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Microsoft Could Have Been On Top: 10 Product Opportunities Microsoft Missed

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When people think of innovative tech companies, they generally don’t think of Microsoft. Microsoft has actually had a history of innovative products and ideas, but they’ve failed to execute them over and over again.

Microsoft is trying to catch up with Windows 8, Windows Phone, Surface tablets, and other products and services, but let’s set those aside for a moment. How did Microsoft get to a point where it needed to catch up with its competitors?

Image by ToddABishop on Flickr

eReaders

We know Amazon as the company that pioneered the eReader with the Kindle line of devices, revolutionizing the publishing industry. But Microsoft could have beaten Amazon to market. Bright minds at Microsoft had a prototype eReader ready nine years before the Kindle was released. In a Vanity Fair article investigating Microsoft’s “lost decade,” we find this anecdote:

“Microsoft had a prototype e-reader ready to go in 1998, but when the technology group presented it to Bill Gates he promptly gave it a thumbs-down, saying it wasn’t right for Microsoft. “He didn’t like the user interface, because it didn’t look like Windows,” a programmer involved in the project recalls.”

Instead, the technology group developed Microsoft Reader, a Windows application for reading eBooks. It never really went anywhere and Microsoft discontinued it in 2012.

Smartphones Take 1: Windows Mobile

Apple didn’t invent the smartphone, but Apple provided a well-designed interface that allowed  smartphones to explode in the public consciousness, becoming a must-have item. Microsoft had their own smartphone platform years before the iPhone. It was known as Windows Mobile.

When the iPhone was released in 2007, Steve Ballmer said:

“$500? Fully subsidized, with a plan? I said that is the most expensive phone in the world and it doesn’t appeal to business customers because it doesn’t have a keyboard, which makes it not a very good email machine….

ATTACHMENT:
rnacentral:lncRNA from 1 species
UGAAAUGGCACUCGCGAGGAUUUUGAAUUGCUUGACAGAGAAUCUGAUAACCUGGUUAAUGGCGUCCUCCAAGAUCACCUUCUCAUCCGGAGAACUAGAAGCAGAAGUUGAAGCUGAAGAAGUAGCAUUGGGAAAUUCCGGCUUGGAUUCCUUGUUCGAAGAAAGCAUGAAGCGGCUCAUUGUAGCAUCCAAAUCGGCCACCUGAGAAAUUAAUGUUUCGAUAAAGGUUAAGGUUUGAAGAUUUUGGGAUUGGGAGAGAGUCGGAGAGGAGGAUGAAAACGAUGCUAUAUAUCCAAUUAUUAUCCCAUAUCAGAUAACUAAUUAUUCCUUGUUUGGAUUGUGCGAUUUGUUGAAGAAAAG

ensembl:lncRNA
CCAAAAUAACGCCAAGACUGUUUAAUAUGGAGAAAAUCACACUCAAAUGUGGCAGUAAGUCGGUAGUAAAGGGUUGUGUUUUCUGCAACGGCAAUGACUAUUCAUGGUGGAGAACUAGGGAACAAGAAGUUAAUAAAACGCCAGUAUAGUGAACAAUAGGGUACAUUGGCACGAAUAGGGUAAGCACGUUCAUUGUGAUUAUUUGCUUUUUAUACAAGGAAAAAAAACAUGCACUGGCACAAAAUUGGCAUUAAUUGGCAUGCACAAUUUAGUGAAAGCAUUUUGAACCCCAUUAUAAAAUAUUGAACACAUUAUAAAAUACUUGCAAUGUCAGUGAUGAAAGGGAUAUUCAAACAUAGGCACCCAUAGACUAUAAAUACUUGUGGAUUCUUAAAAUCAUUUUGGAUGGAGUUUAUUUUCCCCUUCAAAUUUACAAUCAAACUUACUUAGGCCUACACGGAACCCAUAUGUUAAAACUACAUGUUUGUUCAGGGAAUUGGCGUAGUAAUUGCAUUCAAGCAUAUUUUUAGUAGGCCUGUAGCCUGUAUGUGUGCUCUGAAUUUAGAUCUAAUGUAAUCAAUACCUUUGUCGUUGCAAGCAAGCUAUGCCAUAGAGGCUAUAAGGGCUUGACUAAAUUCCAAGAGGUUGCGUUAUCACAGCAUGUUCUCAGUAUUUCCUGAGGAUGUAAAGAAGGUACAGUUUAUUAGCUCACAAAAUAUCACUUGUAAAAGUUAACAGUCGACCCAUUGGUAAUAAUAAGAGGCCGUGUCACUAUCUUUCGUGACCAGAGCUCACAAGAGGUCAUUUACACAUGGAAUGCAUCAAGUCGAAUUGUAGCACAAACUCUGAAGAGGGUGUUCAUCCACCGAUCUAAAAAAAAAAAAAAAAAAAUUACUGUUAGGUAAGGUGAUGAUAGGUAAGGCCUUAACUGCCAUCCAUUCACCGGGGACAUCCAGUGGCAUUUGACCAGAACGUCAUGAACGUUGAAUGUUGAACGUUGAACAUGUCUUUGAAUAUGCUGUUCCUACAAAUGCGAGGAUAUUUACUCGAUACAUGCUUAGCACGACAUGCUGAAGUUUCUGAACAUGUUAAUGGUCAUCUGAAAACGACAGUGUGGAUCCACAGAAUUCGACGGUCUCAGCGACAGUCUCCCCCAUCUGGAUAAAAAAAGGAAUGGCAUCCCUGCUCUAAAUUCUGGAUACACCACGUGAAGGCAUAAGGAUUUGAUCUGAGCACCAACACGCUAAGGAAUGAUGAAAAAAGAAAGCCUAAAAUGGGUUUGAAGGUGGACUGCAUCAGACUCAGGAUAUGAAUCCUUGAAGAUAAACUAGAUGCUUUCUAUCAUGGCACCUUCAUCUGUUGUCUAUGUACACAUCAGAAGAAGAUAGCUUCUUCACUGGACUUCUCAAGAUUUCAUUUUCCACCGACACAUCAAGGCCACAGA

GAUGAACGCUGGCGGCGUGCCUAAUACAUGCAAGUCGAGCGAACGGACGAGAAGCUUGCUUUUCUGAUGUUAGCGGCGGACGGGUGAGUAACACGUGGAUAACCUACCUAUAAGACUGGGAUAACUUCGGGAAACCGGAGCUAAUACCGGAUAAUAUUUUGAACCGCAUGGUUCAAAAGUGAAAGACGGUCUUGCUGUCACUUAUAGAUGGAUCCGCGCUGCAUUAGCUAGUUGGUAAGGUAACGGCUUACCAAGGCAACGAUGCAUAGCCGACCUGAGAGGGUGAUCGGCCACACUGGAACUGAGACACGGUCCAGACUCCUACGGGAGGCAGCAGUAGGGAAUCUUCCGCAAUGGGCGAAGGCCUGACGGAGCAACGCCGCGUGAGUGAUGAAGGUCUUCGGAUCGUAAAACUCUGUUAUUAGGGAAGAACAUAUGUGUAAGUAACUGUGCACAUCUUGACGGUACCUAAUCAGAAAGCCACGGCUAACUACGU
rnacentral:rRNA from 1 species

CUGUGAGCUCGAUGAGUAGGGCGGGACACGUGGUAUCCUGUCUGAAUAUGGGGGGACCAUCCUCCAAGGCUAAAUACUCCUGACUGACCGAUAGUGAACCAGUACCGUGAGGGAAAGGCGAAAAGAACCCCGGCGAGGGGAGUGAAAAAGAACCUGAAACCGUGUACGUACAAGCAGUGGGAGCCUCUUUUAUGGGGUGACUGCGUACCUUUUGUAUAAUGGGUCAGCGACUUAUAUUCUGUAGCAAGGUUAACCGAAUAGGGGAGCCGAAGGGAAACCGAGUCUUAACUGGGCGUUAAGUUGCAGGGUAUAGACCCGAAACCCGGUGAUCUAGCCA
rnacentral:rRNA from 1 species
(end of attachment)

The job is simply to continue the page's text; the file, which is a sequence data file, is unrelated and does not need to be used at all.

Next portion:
We have our strategy. We’ve got great Windows Mobile devices in the market today…. I like our strategy. I like it a lot….

Right now we’re selling millions and millions of phones a year. Apple is selling zero phones a year. In six months, they’ll have the most expensive phone by far ever in the marketplace. And let’s see. Let’s see how the competition goes.”

Windows Mobile was Microsoft’s first answer to Apple’s iPhone, and we all saw how the competition went — it wasn’t even a competition.

So what happened with Microsoft’s millions and million of Windows Mobile phones? Windows Mobile was the second-most popular smartphone platform behind Nokia’s Symbian and ahead of Blackberry, after all. Windows Mobile never had the ideal interface — it had a Start menu, taskbar, and even a Windows registry. It was designed to be used with its keyboard or a stylus, not with a finger-based touch interface. Windows Mobile never even had a dedicated app store until 2009. Whatever the reason, it’s clear Microsoft failed to leverage their huge lead over Apple to deliver a competitive product.

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Image by gailjadehamilton on Flickr

Smartphones Take 2: Kin

The Kin isn’t very well-known, but it was Microsoft’s second attempt to respond to Apple’s iPhone. Whether Microsoft’s Kin was or wasn’t a smartphone platform is a matter of debate — Microsoft described them as “social phones.” The Kin was designed for users of social-networking services and offered web access, but it didn’t allow installation of other apps. Kin owners couldn’t play a single game on their phones. However, it launched on Verizon Wireless with a data plan priced the same as smartphone data plans.